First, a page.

2.1.2 Target population: age and sex

In line with the two approaches highlighted in Section 3 Theories of change, the following age groups were assessed using data from the 2019 Global Burden of Disease database: 0-4 years (both sexes), 5-14 years (both sexes) and females aged 15-49 (see Section 6.1.1 Burden). 

2.1.3 Media content

Type of disease

Mass media for caregiver awareness typically target diseases affecting youth; that said, other burdens resulting in disability-adjusted life years (DALYs) may also be ameliorated through mass media. Worldwide, the total disease burden is shifting from communicable, maternal, neonatal, and nutritional diseases to non-communicable diseases (NCDs) and is noted to be attributed to rising incomes and standards of living. This trend is observed in Africa as well; however, whether or not increased awareness would continue this trend would provide a more comprehensive understanding of importance as this category still comprises over two-thirds of the DALYs per 100,000 people in SSA. For this report, the age group bearing the greatest burden of all-cause DALYs within SSA informed the most suitable focus for media content.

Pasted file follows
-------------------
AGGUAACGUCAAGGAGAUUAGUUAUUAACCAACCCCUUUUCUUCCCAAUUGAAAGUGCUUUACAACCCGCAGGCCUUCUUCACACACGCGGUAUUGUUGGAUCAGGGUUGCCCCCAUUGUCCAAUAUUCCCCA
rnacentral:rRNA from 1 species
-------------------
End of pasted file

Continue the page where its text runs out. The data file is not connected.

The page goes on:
Type of health advice

Within the context of health, one consideration that influences which disease to focus media content on is whether increased awareness is more effective at prevention or treatment of illnesses. The type of disease would best inform whether prevention or seeking treatment is more suitable. Further research on comparing effects on population health of increased awareness and early identification to disease prevention, family planning programs, maternal health, child development, and nutrition could also provide a more complete understanding of which diseases could have the greatest reduction in DALYs through addressing behaviour change.